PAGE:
The Prophet (peace be upon him) was known to love good smells. He sums up what he loved of material things in this present world, saying: “Of all that is available in this present life, I am made to love perfume and women, but the thing that gives me best gratification is prayer.” (Related by Ahmad and Al-Nassaie.) This does not mean that the Prophet disliked other things that people find pleasant or enjoyable. It simply means that the Prophet did not feel an urge to have luxuries or expensive articles that people are normally keen to have. Whatever was available was sufficient for him. Anything that served the purpose in hand was good enough.
He did not disdain to have the most modest, simple and functional things. However, he was always keen that he always had a good smell. If he went through some place or close to some activity that gave an unpleasant smell, he would immediately try to dispel that smell with some perfume.
The Prophet also loved women. He grew up in a community where women were treated as inferior to men in every respect. The message he was given, i.e. the message of Islam, lays much emphasis on the equality of men and women.
As God’s messenger who delivered His last message to mankind, he demonstrated such equality in the way he treated women and the guidance he provided to both men and women. He always urged his companions to be kind to their women folk and to take good care of them.
He also loved women’s company. Moreover, when it became necessary that he should marry several wives, for social, political and legislative reasons, he did not feel this as a burden.
On the contrary, he was pleased to have them as part of his family. Some may read this Hadith as meaning that the Prophet had an extraordinarily strong sexual desire, but there is no suggestion of that in any Hadith.
However, nothing gave the Prophet greater satisfaction than prayer. Whenever he had a problem or felt stress, he resorted to prayer and it was certain to clear his stress.
Yet a good smell was important to the Prophet. He was keen that whoever was with him should be pleased with his smell. Therefore, the Prophet used to wear perfume when he went out. Lady Ayesha reports: “I used to give the Prophet the best smelling perfume we could have, and I would often see the brightness of perfume in his head and beard.” (Related by Al-Bukhari and Muslim.)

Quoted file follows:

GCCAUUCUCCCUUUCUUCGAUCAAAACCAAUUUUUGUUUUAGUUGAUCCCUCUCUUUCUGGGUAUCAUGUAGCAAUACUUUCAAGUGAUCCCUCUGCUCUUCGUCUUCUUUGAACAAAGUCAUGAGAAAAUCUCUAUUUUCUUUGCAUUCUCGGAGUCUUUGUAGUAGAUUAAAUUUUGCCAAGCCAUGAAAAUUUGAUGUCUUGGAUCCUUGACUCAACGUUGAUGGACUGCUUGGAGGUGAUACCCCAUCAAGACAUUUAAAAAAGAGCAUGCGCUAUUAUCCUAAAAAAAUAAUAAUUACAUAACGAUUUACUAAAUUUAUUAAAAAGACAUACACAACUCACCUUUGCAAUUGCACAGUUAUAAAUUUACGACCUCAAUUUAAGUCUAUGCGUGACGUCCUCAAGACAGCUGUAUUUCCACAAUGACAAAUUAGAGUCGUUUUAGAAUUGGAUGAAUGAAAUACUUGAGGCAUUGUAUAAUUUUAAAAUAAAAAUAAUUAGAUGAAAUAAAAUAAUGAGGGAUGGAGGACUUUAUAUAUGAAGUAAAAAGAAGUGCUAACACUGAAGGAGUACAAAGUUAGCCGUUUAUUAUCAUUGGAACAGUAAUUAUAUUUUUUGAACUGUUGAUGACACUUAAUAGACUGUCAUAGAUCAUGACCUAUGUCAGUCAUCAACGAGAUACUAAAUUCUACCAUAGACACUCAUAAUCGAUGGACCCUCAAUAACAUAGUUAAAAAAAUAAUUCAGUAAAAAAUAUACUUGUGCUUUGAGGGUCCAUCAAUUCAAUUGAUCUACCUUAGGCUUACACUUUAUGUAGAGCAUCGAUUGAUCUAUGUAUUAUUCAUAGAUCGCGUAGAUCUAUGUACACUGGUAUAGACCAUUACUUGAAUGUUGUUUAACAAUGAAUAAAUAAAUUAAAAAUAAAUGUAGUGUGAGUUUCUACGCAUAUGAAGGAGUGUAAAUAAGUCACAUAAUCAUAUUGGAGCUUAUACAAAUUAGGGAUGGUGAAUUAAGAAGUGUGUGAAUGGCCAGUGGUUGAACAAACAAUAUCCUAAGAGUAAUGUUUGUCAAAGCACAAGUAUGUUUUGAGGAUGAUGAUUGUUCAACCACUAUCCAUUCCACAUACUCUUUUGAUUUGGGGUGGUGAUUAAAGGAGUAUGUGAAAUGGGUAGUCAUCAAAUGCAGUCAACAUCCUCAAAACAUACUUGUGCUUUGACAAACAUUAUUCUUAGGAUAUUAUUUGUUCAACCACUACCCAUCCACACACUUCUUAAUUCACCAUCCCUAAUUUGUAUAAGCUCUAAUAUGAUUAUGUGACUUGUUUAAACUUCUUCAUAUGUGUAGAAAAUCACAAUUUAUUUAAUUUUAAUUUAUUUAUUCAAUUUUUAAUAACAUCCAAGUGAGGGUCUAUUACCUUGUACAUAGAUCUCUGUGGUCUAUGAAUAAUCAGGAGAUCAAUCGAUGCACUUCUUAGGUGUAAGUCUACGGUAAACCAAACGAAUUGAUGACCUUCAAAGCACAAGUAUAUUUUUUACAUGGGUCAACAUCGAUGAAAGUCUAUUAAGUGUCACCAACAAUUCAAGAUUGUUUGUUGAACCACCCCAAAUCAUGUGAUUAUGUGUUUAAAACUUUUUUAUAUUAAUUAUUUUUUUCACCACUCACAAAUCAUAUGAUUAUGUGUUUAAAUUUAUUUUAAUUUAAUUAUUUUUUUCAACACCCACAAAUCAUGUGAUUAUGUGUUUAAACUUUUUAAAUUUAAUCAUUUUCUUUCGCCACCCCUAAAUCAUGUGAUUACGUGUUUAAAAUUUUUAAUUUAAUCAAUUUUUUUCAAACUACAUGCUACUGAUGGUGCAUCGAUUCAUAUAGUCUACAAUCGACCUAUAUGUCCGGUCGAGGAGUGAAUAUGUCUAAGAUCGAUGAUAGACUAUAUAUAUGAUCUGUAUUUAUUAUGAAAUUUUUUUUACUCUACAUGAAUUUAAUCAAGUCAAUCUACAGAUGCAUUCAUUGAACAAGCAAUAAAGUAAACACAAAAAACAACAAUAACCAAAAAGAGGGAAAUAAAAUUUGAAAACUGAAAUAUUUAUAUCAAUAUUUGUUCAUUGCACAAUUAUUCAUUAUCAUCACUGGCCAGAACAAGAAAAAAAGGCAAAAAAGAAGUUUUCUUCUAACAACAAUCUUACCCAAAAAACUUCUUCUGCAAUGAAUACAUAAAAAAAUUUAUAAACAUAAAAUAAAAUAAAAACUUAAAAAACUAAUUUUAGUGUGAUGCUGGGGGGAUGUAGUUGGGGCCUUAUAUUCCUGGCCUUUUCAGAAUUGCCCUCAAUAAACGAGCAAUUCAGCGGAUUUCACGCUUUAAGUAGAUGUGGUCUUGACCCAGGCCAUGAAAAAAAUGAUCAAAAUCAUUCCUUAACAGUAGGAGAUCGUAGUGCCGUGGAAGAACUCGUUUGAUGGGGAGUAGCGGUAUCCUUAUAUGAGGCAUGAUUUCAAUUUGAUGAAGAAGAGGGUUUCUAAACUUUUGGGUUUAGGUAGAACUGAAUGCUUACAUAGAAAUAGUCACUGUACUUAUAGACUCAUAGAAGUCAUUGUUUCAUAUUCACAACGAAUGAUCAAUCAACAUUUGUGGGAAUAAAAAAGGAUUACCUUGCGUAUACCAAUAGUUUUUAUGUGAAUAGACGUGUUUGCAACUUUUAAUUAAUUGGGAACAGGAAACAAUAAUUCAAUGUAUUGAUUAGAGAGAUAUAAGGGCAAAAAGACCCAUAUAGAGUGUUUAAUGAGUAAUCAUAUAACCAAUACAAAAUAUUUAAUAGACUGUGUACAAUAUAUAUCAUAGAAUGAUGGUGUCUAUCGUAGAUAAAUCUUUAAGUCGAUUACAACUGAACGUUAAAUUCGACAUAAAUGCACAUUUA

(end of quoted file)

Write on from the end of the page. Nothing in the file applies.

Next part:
The phraseology of this Hadith indicates that perfume was an important article in the Prophet’s home, and that his wives were keen to ensure that he had some perfume to wear when he left home. He wanted to make sure that he had a pleasant smell when he met people.
The Prophet’s practice is a Sunnah, which means that it gives a good example to follow. While this is required or recommended in religious matters, it indicates a good practice in other areas. If the Prophet did something that is unrelated to religion in a particular fashion, without saying anything to suggest that people should follow his example, then his practice is merely a matter of personal choice and is not a Sunnah. However, if a person follows the Prophet’s example in such matters, believing that whatever the Prophet did was best, he is rewarded for his intention. Hence, many of the Prophet’s companions did that.
Nafi’ reports: “Abdullah ibn Umar used to be perfumed with aromatic smoke, using unsplit aloes and he would add camphor to it. He would say: ‘The Prophet used this type of smoke for perfume.” (Related by Muslim and Al-Nassaie.)
This Hadith speaks of a type of good smell that is still used in all parts of Arabia, which is the aromatic smoke. People everywhere use incense to give a good smell, and there are several types of plants that give such smoke. A type of aloe wood that gives perhaps the best smell is known in Arabia as the Oud, and Ayesha reports: “The Oud was the best type of perfume the Prophet loved.” (Related by Abu Al-Shaykh and Ibn Saad.)
People realized that the Prophet loved a good smell. Therefore, they often offered him a touch of perfume, and he would accept it willingly. Anas reports: “The Prophet never declined to have a touch of perfume offered to him.” (Related by Ahmad, Al-Bukhari, Al-Nassaie, Abu Dawood and Al-Tirmidhi.)
This Hadith is reported in more than one way. Another version that has a different chain of transmission also quotes Anas as saying: “God’s Messenger was never seen to decline perfume offered to him.” (Related by Al-Nassaie and others.)
The last two Hadiths suggest that accepting any perfume offered was a habit of the Prophet. This is clearly confirmed by a Hadith in which Ayesha reports: “The Prophet disliked to go out to meet his companions without wearing some perfume. He would have a touch of perfume toward the end of the night.” (Related by Abu Al-Shaykh.) Needless to say, Ayesha is referring to the time of dawn when the Prophet went out to the mosque to offer Fajr prayer.
He was keen that he should have a pleasant smell, always wearing perfume. It is a good practice to follow that we should wear some perfume before going out in the morning, whether to prayer or when we go to work.